Director - Max Roberts
Designer - Patrick Connellan
Lighting Designer - Drummond Orr
Sound Designer - Dave Flynn

A Theatre by the Lake and David Pugh & Dafydd Rogers co-production.

Jessica Johnson as Rita: 2019

Latest Reviews



' This touring production directed by Max Roberts and starring Stephen Tompkinson as Frank and Jessica Johnson as Rita has to be the best we’ve seen – ever. It feels like witnessing an original production for the first time. '



Occasionally, in the role of seasoned reviewer, one wonders what it would be like to experience a classic comedy-drama for the very first time. And in the case where there has been a popular film version around since the early 1980s – not to have seen that either. Everything fresh, everything new, each witty line and dramatic moment upcoming completely unknown. One has been on this good earth over sixty years and has seen Willy Russell’s Educating Rita a fair few times in and out of the life of a reviewer. It is an exceptionally good play and holds its pedigree well. It is truly inspiring and very human. This touring production directed by Max Roberts and starring Stephen Tompkinson as Frank and Jessica Johnson as Rita has to be the best we’ve seen – ever. It feels like witnessing an original production for the first time.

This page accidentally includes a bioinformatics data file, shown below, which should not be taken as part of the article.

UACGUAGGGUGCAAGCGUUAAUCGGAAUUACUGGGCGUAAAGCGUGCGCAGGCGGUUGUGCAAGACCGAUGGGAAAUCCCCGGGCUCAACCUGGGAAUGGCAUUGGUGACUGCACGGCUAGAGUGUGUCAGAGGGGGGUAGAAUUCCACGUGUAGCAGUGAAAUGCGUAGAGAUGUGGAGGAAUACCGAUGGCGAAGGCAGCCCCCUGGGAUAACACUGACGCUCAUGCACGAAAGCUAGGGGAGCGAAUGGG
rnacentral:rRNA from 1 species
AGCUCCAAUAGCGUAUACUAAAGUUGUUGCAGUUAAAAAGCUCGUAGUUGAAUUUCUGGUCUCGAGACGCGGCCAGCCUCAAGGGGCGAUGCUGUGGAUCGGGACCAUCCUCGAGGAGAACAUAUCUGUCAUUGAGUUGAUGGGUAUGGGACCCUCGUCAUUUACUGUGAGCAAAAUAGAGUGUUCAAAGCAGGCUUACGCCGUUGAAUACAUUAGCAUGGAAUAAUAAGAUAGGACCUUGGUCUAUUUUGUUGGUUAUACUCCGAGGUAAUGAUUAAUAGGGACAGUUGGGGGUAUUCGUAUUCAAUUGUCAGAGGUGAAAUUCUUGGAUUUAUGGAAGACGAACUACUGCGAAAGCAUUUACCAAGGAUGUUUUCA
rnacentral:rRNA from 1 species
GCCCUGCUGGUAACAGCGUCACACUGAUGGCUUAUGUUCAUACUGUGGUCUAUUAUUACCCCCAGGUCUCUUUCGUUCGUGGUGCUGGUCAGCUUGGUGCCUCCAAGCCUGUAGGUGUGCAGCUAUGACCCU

Why might this be? Well, the acting is very naturalistic from both Tompkinson and Johnson and this allows the comedy to flow naturally from the drama and certainly not be forced for the laughs. Both actors give us warm, regularly funny and vulnerable characters who are humanly aspirant and deeply fallible. We ache for both of them to be redeemed and individually find ways out of each of their ‘stuck in the rut’ lives. We want to love them and Willy Russell’s story enables us to care about them almost as if they were family.